Home Good to know U.S. : 11 people charged over $1 billon pension fraud

U.S. : 11 people charged over $1 billon pension fraud

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New York prosecutors charged 11 people over a $1 billion US pension fraud in which retired workers claimed disability benefits despite regularly playing golf and going to the gym. 

Prosecutors laid out an elaborate scheme in which ex-employees of the Long Island Railroad (LIRR) claimed to be disabled for early retirement so they could boost their pensions by tens of thousands of dollars each year.

Those charged included two doctors who falsely certified that the ex-workers were incapable of doing their job due to bad health. The retirees were subsequently found working or exercising without any hint of injury or pain.

“Benefit programs like the RRB (Railroad Retirement Board) disability pension program were designed to be a safety net for the truly disabled, not a feeding trough for the truly dishonest,” said US Attorney for the southern district of New York Preet Bharara.

The criminal complaint said a “pervasive scheme by doctors, facilitators, and retirees” had set out to defraud the retirement fund of a sum that “could cost more than one billion dollars.”

Each doctor would initially receive between $800 and $1,200 for a fraudulent assessment but would then pocket “millions of dollars of health insurance payments for unnecessary medical treatments.”

Gregory Noone, a retiree who receives $105,000 a year in pension and disability payments, claimed in his disability application that he suffered severe pain when gripping and using simple hand tools.

He also claimed to have pain in his knees, shoulders and back from bending and crouching.  “Nevertheless, Noone regularly plays tennis several times per week, and in a nine-month period in 2008, Noone signed in to play golf at a particular course on 140 days,” the charges state.  Joseph Rutigliano, a former rail conductor and union president who applied for and received RRB disability benefits after retiring in 1999, worked more than 500 hours of overtime the previous year and took no sick leave.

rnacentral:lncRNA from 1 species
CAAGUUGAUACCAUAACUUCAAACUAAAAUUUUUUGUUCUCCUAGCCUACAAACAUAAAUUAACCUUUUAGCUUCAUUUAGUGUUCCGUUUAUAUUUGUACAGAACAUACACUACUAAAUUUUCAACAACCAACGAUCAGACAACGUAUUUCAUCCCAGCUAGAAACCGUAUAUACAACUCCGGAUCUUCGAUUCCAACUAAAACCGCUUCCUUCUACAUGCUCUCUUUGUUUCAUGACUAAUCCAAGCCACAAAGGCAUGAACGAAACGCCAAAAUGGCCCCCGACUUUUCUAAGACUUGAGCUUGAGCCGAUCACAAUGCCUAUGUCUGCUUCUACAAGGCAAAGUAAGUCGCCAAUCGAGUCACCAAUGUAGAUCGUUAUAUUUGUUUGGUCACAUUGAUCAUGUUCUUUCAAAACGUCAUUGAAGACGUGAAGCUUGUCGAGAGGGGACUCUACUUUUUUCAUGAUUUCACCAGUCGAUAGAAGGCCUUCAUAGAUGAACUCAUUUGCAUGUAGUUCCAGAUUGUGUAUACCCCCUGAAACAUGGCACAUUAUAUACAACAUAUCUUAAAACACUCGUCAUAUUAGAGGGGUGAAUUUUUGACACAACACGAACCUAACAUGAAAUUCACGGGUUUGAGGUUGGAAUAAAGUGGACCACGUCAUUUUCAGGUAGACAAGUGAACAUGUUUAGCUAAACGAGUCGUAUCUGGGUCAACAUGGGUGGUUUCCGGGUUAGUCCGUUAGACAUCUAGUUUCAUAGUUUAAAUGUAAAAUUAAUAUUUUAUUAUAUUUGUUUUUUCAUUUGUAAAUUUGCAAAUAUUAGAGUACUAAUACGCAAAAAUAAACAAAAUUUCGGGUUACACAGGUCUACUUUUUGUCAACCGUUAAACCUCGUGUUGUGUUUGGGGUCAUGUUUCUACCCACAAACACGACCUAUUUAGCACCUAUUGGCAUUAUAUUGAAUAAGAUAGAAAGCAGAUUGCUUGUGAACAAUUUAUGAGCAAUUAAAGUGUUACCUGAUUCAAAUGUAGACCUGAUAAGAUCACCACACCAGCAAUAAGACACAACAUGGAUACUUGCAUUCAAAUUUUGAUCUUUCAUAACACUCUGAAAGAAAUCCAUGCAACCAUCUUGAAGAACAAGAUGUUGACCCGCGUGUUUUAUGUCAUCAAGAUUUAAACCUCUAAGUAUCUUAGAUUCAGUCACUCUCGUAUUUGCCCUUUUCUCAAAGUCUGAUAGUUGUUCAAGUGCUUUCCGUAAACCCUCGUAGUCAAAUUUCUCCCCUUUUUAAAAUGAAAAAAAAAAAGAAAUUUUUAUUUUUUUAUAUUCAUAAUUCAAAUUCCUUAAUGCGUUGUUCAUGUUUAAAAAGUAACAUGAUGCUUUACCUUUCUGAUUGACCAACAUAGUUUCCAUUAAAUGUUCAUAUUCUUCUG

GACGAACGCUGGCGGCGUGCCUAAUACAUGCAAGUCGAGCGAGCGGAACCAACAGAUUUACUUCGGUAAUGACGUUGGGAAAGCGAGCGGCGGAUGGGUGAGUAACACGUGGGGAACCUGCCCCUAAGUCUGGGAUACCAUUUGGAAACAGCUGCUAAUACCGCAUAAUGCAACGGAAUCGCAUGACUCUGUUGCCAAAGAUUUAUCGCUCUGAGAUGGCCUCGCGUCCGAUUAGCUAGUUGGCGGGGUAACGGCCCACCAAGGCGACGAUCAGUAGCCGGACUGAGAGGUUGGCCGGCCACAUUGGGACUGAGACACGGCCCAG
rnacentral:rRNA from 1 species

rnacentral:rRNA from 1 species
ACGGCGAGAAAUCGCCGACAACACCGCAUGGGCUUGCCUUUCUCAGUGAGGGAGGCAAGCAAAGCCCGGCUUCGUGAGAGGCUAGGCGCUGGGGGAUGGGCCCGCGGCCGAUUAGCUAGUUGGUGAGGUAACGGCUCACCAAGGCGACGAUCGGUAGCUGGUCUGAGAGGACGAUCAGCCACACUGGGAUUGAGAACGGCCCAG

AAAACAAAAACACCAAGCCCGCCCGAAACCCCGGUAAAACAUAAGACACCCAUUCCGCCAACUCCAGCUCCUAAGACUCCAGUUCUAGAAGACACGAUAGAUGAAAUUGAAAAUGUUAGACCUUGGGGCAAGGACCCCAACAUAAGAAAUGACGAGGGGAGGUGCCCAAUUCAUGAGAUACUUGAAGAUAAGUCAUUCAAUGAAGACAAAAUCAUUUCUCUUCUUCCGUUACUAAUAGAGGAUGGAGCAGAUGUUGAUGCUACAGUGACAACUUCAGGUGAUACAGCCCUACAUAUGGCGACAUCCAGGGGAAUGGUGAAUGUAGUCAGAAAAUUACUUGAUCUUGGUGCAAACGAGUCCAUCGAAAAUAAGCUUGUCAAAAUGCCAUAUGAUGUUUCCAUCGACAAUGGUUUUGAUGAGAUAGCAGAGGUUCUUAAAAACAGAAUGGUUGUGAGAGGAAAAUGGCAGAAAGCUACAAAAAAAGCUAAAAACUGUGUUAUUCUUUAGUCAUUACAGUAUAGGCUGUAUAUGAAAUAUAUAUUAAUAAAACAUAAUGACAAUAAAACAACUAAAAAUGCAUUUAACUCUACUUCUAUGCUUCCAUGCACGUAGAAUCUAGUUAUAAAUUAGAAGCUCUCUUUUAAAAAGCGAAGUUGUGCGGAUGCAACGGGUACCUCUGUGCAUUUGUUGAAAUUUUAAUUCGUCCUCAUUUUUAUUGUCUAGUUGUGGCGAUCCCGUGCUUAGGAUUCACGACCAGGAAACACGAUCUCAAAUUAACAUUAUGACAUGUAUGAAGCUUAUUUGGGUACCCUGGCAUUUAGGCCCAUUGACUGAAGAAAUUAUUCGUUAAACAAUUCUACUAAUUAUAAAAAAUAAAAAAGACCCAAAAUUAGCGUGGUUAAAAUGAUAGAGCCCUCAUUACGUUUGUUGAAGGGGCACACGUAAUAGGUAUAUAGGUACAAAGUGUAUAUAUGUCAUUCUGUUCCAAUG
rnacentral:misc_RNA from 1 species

But a doctor then fraudulently stated that Rutigliano broke his spine in 1988, without explaining how the decade-long injury had not affected his ability to work overtime.  “Golf course records and law enforcement surveillance performed in July 2008 indicate that Rutigliano played golf at one particular course about two times per month,” according to the charge sheet.

Sharon Falloon, a LIRR human resources manager who said standing and walking caused her “disabling pain,” and for whom stairs were “very difficult,” was fraudulently certified by a doctor as disabled and receives $90,349 a year.

“Nevertheless, in January 2011, Falloon was surveilled vigorously exercising at a gym, including 45 minutes in a step aerobics class.”

All 11 defendants are charged with conspiracy to commit health care fraud and mail fraud, which carries a maximum sentence of 20 years imprisonment, prosecutors said.

New York, Oct 27, 2011 (AFP)